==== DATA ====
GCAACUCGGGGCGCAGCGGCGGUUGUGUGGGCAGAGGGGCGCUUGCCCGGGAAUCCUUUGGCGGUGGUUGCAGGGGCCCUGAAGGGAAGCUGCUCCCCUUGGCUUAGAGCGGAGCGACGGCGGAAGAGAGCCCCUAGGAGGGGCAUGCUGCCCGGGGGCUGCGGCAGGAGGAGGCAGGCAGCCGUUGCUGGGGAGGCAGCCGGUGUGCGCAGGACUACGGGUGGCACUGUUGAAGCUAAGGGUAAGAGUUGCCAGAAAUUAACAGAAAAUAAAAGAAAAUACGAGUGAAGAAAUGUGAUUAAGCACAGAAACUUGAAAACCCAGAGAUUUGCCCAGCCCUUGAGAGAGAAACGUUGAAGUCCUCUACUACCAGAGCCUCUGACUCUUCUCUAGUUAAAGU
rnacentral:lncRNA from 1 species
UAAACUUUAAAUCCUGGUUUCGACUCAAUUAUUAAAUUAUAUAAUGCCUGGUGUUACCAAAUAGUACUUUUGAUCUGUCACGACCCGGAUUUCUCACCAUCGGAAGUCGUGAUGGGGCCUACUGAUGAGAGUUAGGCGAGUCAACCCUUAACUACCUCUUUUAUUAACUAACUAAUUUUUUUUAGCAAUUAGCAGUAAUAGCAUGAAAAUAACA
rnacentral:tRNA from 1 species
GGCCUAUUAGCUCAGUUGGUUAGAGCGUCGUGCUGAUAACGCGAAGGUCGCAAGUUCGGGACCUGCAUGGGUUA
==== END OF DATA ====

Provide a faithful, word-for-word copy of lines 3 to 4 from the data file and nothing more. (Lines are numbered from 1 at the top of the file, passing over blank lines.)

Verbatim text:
UAAACUUUAAAUCCUGGUUUCGACUCAAUUAUUAAAUUAUAUAAUGCCUGGUGUUACCAAAUAGUACUUUUGAUCUGUCACGACCCGGAUUUCUCACCAUCGGAAGUCGUGAUGGGGCCUACUGAUGAGAGUUAGGCGAGUCAACCCUUAACUACCUCUUUUAUUAACUAACUAAUUUUUUUUAGCAAUUAGCAGUAAUAGCAUGAAAAUAACA
rnacentral:tRNA from 1 species